Physical activity and cutaneous melanoma risk: A Norwegian population-based cohort study
Robsahm, T. E.
Green, Adèle C
Borch, K. B.
Sandanger, T. M.
Rueegg, C. S.
Veierød, M. B.
AffiliationOslo Centre for Biostatistics and Epidemiology, Department of Biostatistics, Institute of Basic Medical Sciences, University of Oslo, Oslo, Norway
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AbstractPhysical activity (PA) is an important factor in cancer prevention, but positive association between PA and risk of cutaneous melanoma found in recent studies may complicate this strategy. Ultraviolet radiation (UVR) exposure during outdoor PA is a plausible explanation for a positive association. We investigated the associations between PA, UVR and melanoma risk in the Norwegian Women and Cancer cohort. Overall PA was reported by 151,710 women, aged 30-75 at inclusion, using a validated 10-point-scale at enrolment and during follow-up, together with recent numbers of sunburns, indoor tanning sessions and weeks on sunbathing vacations. Seasonal outdoor walking and seasonal PAs were recorded in subsamples (n = 102,671 and n = 29,077, respectively). Logistic and Cox regression were used. Mean follow-up was 18.5 years, and 1565 invasive incident melanoma cases were diagnosed. Overall PA was inversely associated with sunburns, while positively associated with sunbathing vacations and indoor tanning. Overall PA was not associated with melanoma risk in all body sites combined (ptrend = 0.61), but reduced risk was found in upper limb melanomas (hazard ratio (HR) = 0.70, 95% confidence interval (CI) 0.51-0.96; high versus low PA). Non-significant reduced risks were found for seasonal outdoor walking >2 h/day versus 30-60 min/day (summer HR = 0.81, 95% CI 0.66-1.00; autumn HR = 0.74, 95%CI 0.55-1.01). Seasonal PAs were not associated with melanoma risk. In conclusion, we found positive associations between overall PA and sunbathing vacations and indoor tanning, and, unlike literature, inverse association between overall PA and sunburns. Our results do not support a positive association between PA and melanoma risk in Norwegian women.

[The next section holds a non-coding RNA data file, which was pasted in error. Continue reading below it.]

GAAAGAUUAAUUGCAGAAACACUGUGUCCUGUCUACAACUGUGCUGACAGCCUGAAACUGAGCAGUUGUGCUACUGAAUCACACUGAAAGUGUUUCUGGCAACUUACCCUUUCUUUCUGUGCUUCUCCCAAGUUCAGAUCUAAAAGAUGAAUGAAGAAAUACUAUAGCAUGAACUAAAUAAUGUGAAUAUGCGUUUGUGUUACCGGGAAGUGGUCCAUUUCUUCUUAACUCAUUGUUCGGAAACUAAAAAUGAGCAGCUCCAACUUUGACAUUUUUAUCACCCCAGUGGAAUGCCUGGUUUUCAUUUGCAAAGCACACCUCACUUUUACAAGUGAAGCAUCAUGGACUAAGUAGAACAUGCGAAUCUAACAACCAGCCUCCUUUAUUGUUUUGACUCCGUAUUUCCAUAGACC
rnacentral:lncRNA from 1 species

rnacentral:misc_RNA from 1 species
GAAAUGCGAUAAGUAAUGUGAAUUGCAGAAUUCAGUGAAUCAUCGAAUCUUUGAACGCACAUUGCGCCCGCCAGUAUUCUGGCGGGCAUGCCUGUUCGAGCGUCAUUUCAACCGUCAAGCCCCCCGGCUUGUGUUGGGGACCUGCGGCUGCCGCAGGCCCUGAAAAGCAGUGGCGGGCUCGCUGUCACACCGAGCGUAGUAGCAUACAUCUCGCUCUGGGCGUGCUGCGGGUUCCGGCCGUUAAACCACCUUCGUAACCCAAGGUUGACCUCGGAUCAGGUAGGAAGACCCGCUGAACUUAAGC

CitationPerrier F, Ghiasvand R, Lergenmuller S, Robsahm TE, Green AC, Borch KB, et al. Physical activity and cutaneous melanoma risk: A Norwegian population-based cohort study. Preventive Medicine. 2021 Apr;106556.
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